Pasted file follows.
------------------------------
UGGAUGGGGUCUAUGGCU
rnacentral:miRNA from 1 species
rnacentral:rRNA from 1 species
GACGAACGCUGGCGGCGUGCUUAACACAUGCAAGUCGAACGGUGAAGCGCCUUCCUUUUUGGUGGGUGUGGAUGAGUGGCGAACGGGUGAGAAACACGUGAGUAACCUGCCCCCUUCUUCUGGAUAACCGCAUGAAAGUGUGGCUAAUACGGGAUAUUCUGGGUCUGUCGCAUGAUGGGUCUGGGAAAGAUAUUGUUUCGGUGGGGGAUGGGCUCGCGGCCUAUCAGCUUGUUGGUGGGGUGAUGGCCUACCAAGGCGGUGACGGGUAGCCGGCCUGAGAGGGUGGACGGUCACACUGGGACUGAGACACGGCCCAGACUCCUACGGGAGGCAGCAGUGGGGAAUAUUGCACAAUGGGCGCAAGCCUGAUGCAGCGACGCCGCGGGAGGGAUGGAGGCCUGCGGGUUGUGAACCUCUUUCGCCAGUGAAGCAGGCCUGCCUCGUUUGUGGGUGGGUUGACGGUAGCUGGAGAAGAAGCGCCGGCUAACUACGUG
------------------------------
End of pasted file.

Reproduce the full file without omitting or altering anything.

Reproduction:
UGGAUGGGGUCUAUGGCU
rnacentral:miRNA from 1 species
rnacentral:rRNA from 1 species
GACGAACGCUGGCGGCGUGCUUAACACAUGCAAGUCGAACGGUGAAGCGCCUUCCUUUUUGGUGGGUGUGGAUGAGUGGCGAACGGGUGAGAAACACGUGAGUAACCUGCCCCCUUCUUCUGGAUAACCGCAUGAAAGUGUGGCUAAUACGGGAUAUUCUGGGUCUGUCGCAUGAUGGGUCUGGGAAAGAUAUUGUUUCGGUGGGGGAUGGGCUCGCGGCCUAUCAGCUUGUUGGUGGGGUGAUGGCCUACCAAGGCGGUGACGGGUAGCCGGCCUGAGAGGGUGGACGGUCACACUGGGACUGAGACACGGCCCAGACUCCUACGGGAGGCAGCAGUGGGGAAUAUUGCACAAUGGGCGCAAGCCUGAUGCAGCGACGCCGCGGGAGGGAUGGAGGCCUGCGGGUUGUGAACCUCUUUCGCCAGUGAAGCAGGCCUGCCUCGUUUGUGGGUGGGUUGACGGUAGCUGGAGAAGAAGCGCCGGCUAACUACGUG